Sports car maker Porsche SE aims to use a capital increase and the sale of a stake to Qatar to cut its net debt that has ballooned to more than 10 billion euros ($14.05 billion), two sources close to Porsche told Reuters on Wednesday.

They said Qatar and the two families that control Porsche were poised to pump around 5 billion euros into the company via a capital injection, helping offset debts which have risen from 9 billion at the end of January.

Qatar would get voting shares in Porsche through the capital increase, while the families would receive voting shares as well as non-voting preferred shares in the company.

The capital hike plan is part of a concept drawn up by Porsche Chief Executive Wendelin Wiedeking to untangle the debt mess of Porsche and bolster its position in merger talks with Volkswagen after efforts to seize control the fellow Germancarmaker failed.

The plan also includes Qatar taking over Porsche's derivative contracts that control around 20 percent of Volkswagen's voting shares, the sources said.

The total package would provide around 10 billion euros in relief for Porsche's stretched balance sheet and reduce its net debt to a manageable level, the sources said.

But it remains unclear whether Ferdinand Piech, a co-owner of Porsche and chairman of Volkswagen, supports the plan. He has been pushing a rival idea for VW to buy a minority stake in Porsche's healthy Porsche AG sports car business.

Porsche labor leader Uwe Hueck demanded the owners keep the sports car business, citing Piech's vow to Porsche shareholders in 1993 that as long as I live Porsche will stay independent.


The Porsche and Piech families -- which control all the voting shares at Porsche SE -- have been at loggerheads for months over how to resolve the company's debt woes and the role Volkswagen would play in the whole deal.

Porsche now owns nearly 51 percent of VW -- Europe's biggest carmaker with a comfortable cash cushion -- but had to abandon plans to take full control of its much larger peer as its debt mounted just as global car markets collapsed.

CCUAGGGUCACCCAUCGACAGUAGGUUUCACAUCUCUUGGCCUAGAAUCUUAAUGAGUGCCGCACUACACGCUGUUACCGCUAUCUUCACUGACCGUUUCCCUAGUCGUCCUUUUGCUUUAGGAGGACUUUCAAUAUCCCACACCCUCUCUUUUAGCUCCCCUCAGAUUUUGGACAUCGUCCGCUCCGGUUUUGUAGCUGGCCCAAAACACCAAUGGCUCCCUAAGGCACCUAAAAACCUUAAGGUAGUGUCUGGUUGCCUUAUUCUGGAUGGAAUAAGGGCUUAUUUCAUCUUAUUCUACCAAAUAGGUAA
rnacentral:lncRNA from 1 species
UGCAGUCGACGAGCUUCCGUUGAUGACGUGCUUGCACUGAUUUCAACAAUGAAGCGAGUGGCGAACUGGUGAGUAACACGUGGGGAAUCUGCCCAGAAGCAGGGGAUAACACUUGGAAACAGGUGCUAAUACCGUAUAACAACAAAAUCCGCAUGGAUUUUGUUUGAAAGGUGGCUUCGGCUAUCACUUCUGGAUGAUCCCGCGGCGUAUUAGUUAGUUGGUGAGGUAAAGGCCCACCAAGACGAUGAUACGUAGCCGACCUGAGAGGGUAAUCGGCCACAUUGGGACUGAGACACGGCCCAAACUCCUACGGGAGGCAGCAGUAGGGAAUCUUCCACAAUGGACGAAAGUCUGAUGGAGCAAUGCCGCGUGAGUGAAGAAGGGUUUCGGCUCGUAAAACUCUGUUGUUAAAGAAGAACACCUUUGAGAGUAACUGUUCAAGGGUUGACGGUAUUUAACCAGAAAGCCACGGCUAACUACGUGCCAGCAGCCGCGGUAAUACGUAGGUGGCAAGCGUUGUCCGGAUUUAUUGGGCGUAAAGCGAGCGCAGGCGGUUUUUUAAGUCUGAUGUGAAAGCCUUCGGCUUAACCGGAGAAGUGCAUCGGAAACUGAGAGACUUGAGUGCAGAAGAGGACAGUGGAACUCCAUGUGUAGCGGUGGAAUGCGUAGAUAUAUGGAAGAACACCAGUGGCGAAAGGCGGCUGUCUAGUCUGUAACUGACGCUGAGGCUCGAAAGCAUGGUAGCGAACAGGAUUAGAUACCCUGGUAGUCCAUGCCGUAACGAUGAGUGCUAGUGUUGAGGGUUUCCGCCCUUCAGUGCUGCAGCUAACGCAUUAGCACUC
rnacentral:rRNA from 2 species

Porsche shares fell as much as 7.4 percent but recovered to trade down just 0.8 percent by 1346 GMT (9:46 a.m. EDT), lagging a 3.6 percent gain in the DJ Stoxx European car sector index <.SXAP>.

Five-year credit default spreads on Porsche debt tightened about 30 basis points to 319 basis points on hopes a deal to ease its debt burden was nearer.

Volkswagen common stock rose 5.4 percent while its more liquid preferred shares firmed 1.5 percent.

Porsche declined to comment.

Porsche's supervisory board meets on July 23 and was originally due to discuss the possible sale of a stake to Qatar as well as Volkswagen's plans to acquire a 49.9 percent stake in Porsche AG, sources have told Reuters.

Germany's Bild newspaper, citing company sources, reported the agenda would now only address the possible deal with Qatar and not VW's proposal to take a stake in Porsche AG.

Bild said the VW plan would now be discussed as a point of information rather than something that needed to be decided.

Volkswagen said its supervisory board would hold an extraordinary meeting as well on July 23 in Porsche's home town of Stuttgart.

A source had told Reuters last week that Porsche Chairman Wolfgang Porsche called the extraordinary supervisory board meeting for July 23 to discuss a possible stake sale to Qatar worth over 5 billion euros.

(Editing by David Cowell)